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Heart Health Awareness: The East Asian Medicine Approach



February is Heart Disease Awareness Month, so this week let’s discuss the East Asian Medicine (EAM) view of heart disease and heart health.

 

 

Please visit the Heart Foundation website to familiarise yourself with the symptoms of heart disease. If you think you are experiencing symptoms that align with any linked to heart disease, please seek help from your General Practitioner or the hospital in the case of an emergency.  

 


Unlike the Western medicine perspective, which focuses on anatomical and physiological aspects of heart disease, EAM believes that heart health is much deeper than that. It views heart health holistically, emphasising the interconnected nature of the body, mind, and spirit. In this article, I hope to shed light on heart disease (and heart health!) from an EAM perspective.

 

In EAM the heart is seen as the “monarch” of the body, governing the flow of blood and the vitality of all organs. More than just a physical pump, the heart is also a seat of consciousness and emotions. Imbalances in the body’s energy, or Qi, and any disruption of the harmonious flow of this vital flow can contribute to the development of heart disease.

 

According to EAM, the heart is closely linked to the Fire element. When the Fire element is in balance it fosters warmth, circulation, and joy. When it is out of balance, either because of an excess, or a deficiency, Fire can lead to disturbances in the heart’s functioning. For example, excessive Fire may manifest as symptoms such as heart palpitations, anxiety, and insomnia; a deficiency of Fire can result in lethargy, weakness, and poor circulation.


 

A key concept in EAM is the notion of Qi and Blood stagnation. Remembering that Qi is the life force that flows through the body’s energy pathways, Blood is what nourishes the organs and tissues. When stagnation occurs, it impedes the smooth flow of Qi and Blood, which leads to a variety of health issues – including heart disease.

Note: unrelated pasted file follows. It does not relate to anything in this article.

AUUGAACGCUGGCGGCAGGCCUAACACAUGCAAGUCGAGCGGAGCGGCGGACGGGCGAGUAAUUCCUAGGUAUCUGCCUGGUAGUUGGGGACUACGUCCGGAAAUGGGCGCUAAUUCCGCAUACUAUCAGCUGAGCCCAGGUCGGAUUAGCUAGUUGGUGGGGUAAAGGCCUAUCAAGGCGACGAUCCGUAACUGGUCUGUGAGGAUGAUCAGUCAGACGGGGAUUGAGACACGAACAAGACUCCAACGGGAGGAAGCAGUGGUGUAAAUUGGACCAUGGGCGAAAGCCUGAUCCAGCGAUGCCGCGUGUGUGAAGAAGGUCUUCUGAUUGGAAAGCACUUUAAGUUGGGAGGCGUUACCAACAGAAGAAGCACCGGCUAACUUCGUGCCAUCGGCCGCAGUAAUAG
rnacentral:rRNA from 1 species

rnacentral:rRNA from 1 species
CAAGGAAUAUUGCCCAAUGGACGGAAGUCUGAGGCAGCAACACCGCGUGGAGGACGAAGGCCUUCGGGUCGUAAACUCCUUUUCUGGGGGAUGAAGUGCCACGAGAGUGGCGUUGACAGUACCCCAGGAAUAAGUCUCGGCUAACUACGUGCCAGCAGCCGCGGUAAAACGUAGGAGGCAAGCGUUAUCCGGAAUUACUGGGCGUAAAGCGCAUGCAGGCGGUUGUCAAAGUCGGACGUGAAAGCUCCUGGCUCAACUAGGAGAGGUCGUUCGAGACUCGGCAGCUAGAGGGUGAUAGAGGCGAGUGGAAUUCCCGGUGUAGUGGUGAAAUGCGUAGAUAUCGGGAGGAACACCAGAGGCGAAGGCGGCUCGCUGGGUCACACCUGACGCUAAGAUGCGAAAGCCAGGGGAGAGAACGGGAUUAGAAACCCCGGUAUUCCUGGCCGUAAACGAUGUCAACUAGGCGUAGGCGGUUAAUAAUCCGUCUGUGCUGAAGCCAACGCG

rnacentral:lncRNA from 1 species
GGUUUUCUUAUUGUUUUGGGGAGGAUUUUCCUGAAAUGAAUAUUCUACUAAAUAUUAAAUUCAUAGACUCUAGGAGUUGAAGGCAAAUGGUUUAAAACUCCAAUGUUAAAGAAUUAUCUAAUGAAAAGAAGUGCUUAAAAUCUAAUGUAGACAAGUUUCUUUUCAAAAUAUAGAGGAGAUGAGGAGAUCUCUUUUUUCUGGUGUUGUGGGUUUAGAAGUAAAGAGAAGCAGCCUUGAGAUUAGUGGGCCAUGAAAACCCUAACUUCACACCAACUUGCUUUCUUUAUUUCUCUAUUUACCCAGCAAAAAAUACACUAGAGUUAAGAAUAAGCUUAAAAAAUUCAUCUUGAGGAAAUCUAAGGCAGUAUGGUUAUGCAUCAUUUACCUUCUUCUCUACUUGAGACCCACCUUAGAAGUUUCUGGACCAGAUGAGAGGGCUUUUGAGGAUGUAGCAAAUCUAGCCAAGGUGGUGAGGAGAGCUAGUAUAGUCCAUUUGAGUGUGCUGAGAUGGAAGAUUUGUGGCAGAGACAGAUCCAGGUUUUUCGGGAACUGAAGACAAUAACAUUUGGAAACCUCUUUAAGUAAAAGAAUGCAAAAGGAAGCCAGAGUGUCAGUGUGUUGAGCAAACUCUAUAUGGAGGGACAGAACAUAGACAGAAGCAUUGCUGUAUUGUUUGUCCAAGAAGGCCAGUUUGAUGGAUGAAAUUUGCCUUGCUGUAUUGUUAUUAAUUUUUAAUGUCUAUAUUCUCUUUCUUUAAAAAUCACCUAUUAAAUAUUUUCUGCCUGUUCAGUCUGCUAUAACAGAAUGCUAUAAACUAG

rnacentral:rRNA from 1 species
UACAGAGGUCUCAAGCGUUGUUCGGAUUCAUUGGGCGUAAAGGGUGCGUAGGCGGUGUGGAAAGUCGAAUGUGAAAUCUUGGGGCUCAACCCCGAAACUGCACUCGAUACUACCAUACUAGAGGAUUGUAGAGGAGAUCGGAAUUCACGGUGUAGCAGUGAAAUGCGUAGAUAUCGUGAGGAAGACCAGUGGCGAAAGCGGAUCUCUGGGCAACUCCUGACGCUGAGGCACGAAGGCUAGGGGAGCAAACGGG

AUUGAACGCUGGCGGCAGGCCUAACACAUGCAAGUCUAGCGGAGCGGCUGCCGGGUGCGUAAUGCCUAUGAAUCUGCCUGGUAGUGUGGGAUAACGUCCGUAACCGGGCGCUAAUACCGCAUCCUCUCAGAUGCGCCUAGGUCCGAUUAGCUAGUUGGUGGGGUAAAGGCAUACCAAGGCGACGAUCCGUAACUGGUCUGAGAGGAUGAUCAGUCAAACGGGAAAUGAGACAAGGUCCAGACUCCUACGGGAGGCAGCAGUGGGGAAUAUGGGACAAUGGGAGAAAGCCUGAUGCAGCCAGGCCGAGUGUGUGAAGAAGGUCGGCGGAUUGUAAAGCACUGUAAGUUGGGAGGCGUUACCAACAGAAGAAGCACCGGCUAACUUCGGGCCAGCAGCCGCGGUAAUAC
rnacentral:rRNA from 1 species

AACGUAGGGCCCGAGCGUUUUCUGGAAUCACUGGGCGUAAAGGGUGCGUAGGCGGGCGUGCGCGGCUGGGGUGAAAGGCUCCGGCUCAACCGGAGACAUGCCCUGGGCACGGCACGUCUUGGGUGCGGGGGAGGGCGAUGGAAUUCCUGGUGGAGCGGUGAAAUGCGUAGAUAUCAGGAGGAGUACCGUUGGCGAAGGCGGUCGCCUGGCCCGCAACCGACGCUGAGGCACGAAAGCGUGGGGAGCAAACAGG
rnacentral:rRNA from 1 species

But how do Fire, Qi, and Blood combine in the context of heart disease? Much like Western medicine, EAM emphasises the importance of lifestyle factors, including diet, exercise and stress management. However, from an EAM perspective, the diet should be rich in warming foods such as ginger and garlic – which can help balance the heart’s Fire element. Regular, moderate levels of exercise, such as Tai Chi, Qigong, Yoga, or walking promote the free flow of Qi and Blood – supporting overall cardiovascular health.


 

Acupuncture and Heart Health

Acupuncture is a well-known element of EAM and can also play a crucial role in addressing heart disease. By inserting the thin acupuncture needles into specific points along the meridians, acupuncture helps regulate the flow of Qi, alleviating stagnation and restoring balance to the body. This ancient practice can not only be effective in managing the symptoms of heart disease but also in addressing the root causes of heart imbalances. Read more about acupuncture here.

 

Herbal Medicine and Heart Health

Herbal medicine, another cornerstone of EAM, offers a range of natural remedies to support heart health. Herbs like hawthorn, salvia, and danshen have been traditionally used to tonify the heart, improve circulation, and resolve Qi and Blood stagnation. Read more about herbal medicine here.

 

To summarise, the EAM perspective of heart disease goes beyond treating symptoms; it seeks to restore harmony and health to the entire body. By addressing energetic imbalances, promoting a balanced lifestyle, and using modalities such as acupuncture and herbal medicine, we can embark on a journey towards heart health that encompasses not only the physical but also the emotional and spiritual aspects of our well-being. As a doctor of EAM, my role is to help guide your body back towards a balanced and vibrant heart, fostering a life of vitality and joy. If you would like an appointment to discuss how EAM can help you and your health you can book here.

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